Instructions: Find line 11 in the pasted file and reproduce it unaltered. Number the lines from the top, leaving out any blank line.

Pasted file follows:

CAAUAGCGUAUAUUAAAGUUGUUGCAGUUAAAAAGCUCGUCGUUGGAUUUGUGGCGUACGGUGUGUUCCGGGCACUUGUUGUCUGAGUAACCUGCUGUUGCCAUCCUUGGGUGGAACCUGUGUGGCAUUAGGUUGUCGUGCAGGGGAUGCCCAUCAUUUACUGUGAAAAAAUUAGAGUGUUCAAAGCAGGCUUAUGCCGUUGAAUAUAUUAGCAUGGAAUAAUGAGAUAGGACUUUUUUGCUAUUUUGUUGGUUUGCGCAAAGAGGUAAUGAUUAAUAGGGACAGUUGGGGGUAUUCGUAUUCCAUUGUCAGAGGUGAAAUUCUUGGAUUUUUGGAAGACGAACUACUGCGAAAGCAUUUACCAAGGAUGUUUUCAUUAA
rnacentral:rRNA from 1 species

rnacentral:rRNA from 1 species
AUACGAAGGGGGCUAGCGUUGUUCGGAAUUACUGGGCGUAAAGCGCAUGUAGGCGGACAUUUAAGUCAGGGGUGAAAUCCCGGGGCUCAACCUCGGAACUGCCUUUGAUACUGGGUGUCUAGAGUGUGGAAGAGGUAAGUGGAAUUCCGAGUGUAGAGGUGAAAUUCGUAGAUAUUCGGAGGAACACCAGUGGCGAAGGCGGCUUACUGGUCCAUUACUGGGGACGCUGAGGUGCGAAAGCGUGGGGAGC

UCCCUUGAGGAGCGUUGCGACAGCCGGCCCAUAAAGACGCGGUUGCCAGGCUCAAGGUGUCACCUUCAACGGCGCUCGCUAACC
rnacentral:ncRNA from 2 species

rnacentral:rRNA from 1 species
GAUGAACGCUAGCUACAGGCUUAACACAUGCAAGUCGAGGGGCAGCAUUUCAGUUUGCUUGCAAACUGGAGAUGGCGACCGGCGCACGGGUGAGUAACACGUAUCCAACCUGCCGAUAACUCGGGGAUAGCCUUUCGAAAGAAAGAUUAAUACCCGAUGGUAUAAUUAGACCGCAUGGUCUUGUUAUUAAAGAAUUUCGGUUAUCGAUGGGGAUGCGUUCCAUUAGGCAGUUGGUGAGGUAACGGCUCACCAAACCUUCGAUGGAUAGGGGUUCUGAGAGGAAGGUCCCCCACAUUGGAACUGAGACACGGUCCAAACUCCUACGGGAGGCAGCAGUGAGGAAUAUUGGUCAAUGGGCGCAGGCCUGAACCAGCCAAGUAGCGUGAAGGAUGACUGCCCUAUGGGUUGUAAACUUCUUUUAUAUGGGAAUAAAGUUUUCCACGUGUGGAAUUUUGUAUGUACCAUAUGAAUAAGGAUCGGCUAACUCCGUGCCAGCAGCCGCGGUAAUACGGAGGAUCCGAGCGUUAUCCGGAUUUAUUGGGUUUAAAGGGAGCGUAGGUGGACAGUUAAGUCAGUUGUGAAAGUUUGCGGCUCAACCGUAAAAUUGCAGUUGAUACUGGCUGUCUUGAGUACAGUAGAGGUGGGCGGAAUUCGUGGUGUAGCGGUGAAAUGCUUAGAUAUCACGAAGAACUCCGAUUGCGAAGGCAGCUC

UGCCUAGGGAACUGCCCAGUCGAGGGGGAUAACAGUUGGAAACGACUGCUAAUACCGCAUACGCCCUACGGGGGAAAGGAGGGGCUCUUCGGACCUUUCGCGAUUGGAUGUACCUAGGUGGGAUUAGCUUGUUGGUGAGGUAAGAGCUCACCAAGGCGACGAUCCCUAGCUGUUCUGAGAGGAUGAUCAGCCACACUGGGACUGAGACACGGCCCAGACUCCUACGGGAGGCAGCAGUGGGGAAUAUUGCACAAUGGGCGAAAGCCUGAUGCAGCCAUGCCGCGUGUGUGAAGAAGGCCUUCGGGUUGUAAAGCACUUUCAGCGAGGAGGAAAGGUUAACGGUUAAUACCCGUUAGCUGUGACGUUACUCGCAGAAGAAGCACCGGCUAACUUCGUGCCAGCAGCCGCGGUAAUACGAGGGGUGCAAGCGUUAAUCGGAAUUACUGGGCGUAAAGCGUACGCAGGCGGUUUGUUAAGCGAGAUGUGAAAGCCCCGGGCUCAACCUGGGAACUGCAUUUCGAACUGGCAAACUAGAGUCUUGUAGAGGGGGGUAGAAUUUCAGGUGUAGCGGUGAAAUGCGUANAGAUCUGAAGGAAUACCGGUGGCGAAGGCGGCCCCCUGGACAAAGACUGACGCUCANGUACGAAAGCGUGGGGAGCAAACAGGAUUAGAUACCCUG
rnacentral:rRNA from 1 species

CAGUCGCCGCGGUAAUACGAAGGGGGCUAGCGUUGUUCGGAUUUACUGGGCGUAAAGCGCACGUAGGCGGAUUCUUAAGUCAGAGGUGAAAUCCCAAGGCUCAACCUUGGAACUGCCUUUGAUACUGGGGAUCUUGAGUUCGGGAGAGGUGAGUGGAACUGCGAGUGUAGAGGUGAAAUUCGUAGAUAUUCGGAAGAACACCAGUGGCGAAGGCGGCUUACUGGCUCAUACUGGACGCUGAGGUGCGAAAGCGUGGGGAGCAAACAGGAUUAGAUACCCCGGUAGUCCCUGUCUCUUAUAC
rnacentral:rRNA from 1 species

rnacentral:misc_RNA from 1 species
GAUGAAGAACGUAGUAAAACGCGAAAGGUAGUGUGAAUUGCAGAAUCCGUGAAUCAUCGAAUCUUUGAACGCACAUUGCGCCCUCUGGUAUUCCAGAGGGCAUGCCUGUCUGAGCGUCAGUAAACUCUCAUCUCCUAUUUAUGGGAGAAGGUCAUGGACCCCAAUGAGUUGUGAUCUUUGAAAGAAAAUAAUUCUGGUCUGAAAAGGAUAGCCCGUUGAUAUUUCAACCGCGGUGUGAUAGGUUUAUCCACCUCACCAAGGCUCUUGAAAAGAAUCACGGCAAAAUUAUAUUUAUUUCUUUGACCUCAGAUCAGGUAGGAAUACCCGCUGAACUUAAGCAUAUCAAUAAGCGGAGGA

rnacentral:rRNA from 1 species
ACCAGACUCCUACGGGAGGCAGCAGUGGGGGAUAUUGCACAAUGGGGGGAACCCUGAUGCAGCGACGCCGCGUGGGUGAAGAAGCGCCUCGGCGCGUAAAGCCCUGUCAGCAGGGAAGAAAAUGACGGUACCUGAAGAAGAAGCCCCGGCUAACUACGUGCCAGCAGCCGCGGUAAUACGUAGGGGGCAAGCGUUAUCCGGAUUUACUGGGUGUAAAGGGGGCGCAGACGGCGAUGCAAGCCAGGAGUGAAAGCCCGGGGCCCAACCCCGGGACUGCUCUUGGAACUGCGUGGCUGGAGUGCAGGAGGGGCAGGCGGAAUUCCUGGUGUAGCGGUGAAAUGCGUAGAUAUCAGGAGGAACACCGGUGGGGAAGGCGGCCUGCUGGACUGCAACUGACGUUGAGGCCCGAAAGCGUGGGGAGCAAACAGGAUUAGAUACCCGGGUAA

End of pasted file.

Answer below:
CAGUCGCCGCGGUAAUACGAAGGGGGCUAGCGUUGUUCGGAUUUACUGGGCGUAAAGCGCACGUAGGCGGAUUCUUAAGUCAGAGGUGAAAUCCCAAGGCUCAACCUUGGAACUGCCUUUGAUACUGGGGAUCUUGAGUUCGGGAGAGGUGAGUGGAACUGCGAGUGUAGAGGUGAAAUUCGUAGAUAUUCGGAAGAACACCAGUGGCGAAGGCGGCUUACUGGCUCAUACUGGACGCUGAGGUGCGAAAGCGUGGGGAGCAAACAGGAUUAGAUACCCCGGUAGUCCCUGUCUCUUAUAC